Tip #16. Read Clason’s The Richest Man in Babylon.
Everyone should read this. It’ll tell you in clear, simple English how to build up your savings. (Every time you find yourself saying “Yeah, but…” when you’re reading this, just put a sock in it. You’re wrong, he’s right, that’s how it goes.) If you have a year’s expenses saved, you’re going to feel a lot less desperate and will be in a better position to ride things out. And start putting a little in savings now. You’re in this pickle in part because you don’t have enough money stashed away, so start taking action to prevent this happening again. This works. I’ve done it. It’s fun.
This book should be available in the library, assuming that you can get on the waiting list. Clason wrote the original in 1926 and it’s been in constant print ever since.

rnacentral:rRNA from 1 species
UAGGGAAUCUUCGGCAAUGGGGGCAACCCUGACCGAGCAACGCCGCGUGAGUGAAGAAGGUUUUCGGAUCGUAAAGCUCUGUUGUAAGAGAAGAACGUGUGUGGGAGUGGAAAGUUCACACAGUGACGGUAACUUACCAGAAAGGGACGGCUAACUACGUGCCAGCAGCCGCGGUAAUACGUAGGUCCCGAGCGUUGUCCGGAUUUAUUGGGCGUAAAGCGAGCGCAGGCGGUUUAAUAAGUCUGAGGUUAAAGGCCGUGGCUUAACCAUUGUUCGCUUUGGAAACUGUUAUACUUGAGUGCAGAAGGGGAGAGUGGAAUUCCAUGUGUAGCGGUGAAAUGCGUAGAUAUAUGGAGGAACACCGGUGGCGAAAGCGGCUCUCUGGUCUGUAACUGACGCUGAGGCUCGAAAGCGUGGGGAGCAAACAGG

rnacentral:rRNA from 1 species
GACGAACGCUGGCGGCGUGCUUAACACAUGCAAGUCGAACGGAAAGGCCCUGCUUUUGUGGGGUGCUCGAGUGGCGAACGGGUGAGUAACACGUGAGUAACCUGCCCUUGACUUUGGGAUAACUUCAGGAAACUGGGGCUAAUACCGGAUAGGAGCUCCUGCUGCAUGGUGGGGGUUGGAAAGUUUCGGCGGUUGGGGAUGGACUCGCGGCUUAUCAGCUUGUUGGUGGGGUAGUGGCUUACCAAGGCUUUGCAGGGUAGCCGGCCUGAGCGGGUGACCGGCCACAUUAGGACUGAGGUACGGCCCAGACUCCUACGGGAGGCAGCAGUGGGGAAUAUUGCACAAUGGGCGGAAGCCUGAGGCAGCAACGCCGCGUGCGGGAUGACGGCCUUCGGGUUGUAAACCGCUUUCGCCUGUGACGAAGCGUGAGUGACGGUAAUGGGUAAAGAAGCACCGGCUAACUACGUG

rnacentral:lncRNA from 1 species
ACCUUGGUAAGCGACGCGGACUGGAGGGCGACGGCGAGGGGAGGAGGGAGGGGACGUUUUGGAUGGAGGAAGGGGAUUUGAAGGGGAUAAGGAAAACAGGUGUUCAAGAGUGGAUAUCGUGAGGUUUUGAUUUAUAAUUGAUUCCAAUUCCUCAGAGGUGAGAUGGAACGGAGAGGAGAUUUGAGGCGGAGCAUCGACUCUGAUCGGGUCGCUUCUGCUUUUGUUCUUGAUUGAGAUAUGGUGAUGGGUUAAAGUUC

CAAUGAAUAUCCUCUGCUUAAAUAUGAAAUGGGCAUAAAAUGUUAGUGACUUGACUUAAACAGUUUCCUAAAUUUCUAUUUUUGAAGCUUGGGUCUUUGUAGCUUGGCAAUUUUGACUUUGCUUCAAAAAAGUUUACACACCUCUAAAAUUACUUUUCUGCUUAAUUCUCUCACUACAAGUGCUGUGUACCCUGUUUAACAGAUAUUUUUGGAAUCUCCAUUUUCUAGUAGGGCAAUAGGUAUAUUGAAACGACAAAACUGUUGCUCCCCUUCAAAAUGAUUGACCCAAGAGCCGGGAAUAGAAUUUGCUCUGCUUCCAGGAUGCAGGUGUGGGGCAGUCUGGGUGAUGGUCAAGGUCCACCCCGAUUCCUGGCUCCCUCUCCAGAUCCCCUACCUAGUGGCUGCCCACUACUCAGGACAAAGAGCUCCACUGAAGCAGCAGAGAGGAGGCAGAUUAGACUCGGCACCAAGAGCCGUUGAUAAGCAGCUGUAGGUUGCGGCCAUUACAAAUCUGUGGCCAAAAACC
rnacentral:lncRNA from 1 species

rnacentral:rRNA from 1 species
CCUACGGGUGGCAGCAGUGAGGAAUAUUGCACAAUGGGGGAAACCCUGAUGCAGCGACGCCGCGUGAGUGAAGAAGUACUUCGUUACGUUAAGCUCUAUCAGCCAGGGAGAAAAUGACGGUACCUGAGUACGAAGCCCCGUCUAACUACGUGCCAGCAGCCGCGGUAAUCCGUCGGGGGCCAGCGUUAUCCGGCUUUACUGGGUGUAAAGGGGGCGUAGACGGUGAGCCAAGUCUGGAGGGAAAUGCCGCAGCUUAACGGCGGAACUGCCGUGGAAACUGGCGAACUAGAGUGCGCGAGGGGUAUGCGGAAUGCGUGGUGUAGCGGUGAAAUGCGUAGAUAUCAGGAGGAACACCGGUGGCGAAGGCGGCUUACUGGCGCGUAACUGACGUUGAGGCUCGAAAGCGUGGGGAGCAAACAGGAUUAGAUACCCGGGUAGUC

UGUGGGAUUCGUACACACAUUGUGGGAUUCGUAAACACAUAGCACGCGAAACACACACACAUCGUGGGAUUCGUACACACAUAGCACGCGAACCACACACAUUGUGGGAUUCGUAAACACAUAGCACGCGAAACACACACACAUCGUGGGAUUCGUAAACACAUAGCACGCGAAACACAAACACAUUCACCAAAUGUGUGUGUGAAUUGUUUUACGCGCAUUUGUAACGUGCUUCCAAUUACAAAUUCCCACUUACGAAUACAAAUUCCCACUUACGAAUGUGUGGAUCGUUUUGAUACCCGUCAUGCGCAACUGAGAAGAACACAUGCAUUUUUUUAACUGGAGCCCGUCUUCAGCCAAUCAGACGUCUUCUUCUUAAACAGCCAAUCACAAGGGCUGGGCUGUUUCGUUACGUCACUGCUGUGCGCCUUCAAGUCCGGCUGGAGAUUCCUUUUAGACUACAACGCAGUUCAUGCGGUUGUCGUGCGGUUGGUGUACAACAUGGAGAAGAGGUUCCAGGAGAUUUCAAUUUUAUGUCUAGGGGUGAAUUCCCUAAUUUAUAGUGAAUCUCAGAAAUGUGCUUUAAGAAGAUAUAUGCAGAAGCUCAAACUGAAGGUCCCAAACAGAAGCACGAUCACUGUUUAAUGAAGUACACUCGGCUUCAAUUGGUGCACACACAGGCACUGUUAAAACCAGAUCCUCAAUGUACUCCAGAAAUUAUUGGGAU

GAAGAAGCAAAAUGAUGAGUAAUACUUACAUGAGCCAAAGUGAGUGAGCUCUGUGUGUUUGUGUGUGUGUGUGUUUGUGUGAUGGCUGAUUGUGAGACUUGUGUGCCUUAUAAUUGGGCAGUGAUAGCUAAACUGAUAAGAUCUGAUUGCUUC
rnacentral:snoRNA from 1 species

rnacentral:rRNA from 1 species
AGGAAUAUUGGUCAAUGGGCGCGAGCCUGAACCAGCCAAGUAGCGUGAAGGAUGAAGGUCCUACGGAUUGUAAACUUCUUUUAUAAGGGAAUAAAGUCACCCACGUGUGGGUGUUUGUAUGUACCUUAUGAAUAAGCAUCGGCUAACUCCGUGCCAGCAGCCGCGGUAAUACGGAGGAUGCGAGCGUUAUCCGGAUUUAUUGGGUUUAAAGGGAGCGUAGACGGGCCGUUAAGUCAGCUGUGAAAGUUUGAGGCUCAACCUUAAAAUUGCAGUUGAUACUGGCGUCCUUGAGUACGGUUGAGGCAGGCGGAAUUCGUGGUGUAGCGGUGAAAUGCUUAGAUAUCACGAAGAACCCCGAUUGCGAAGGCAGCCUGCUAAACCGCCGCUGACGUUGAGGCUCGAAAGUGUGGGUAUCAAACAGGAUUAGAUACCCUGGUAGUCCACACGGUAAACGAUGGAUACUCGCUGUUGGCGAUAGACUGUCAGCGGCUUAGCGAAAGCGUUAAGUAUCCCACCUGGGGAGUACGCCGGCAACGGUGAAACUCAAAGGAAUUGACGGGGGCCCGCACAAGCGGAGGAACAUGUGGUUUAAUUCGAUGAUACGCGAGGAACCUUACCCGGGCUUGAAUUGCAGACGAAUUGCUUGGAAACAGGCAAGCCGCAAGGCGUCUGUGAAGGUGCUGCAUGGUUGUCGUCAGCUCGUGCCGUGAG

Tip #17. Read Martin Seligman’s Learned Optimism: How to Change Your Mind and Your Life
This is another book that everyone should read. Martin Seligman has identified the patterns related to being a pessimist and being an optimist. Being an optimist isn’t just wandering around smiling all the time. It’s a lot more about asking the right question to get what you want. Being an optimist lets you see ways in which you can work around obstacles. This subject is worthy of its own article. Or even a book: go buy Seligman’s and read it.
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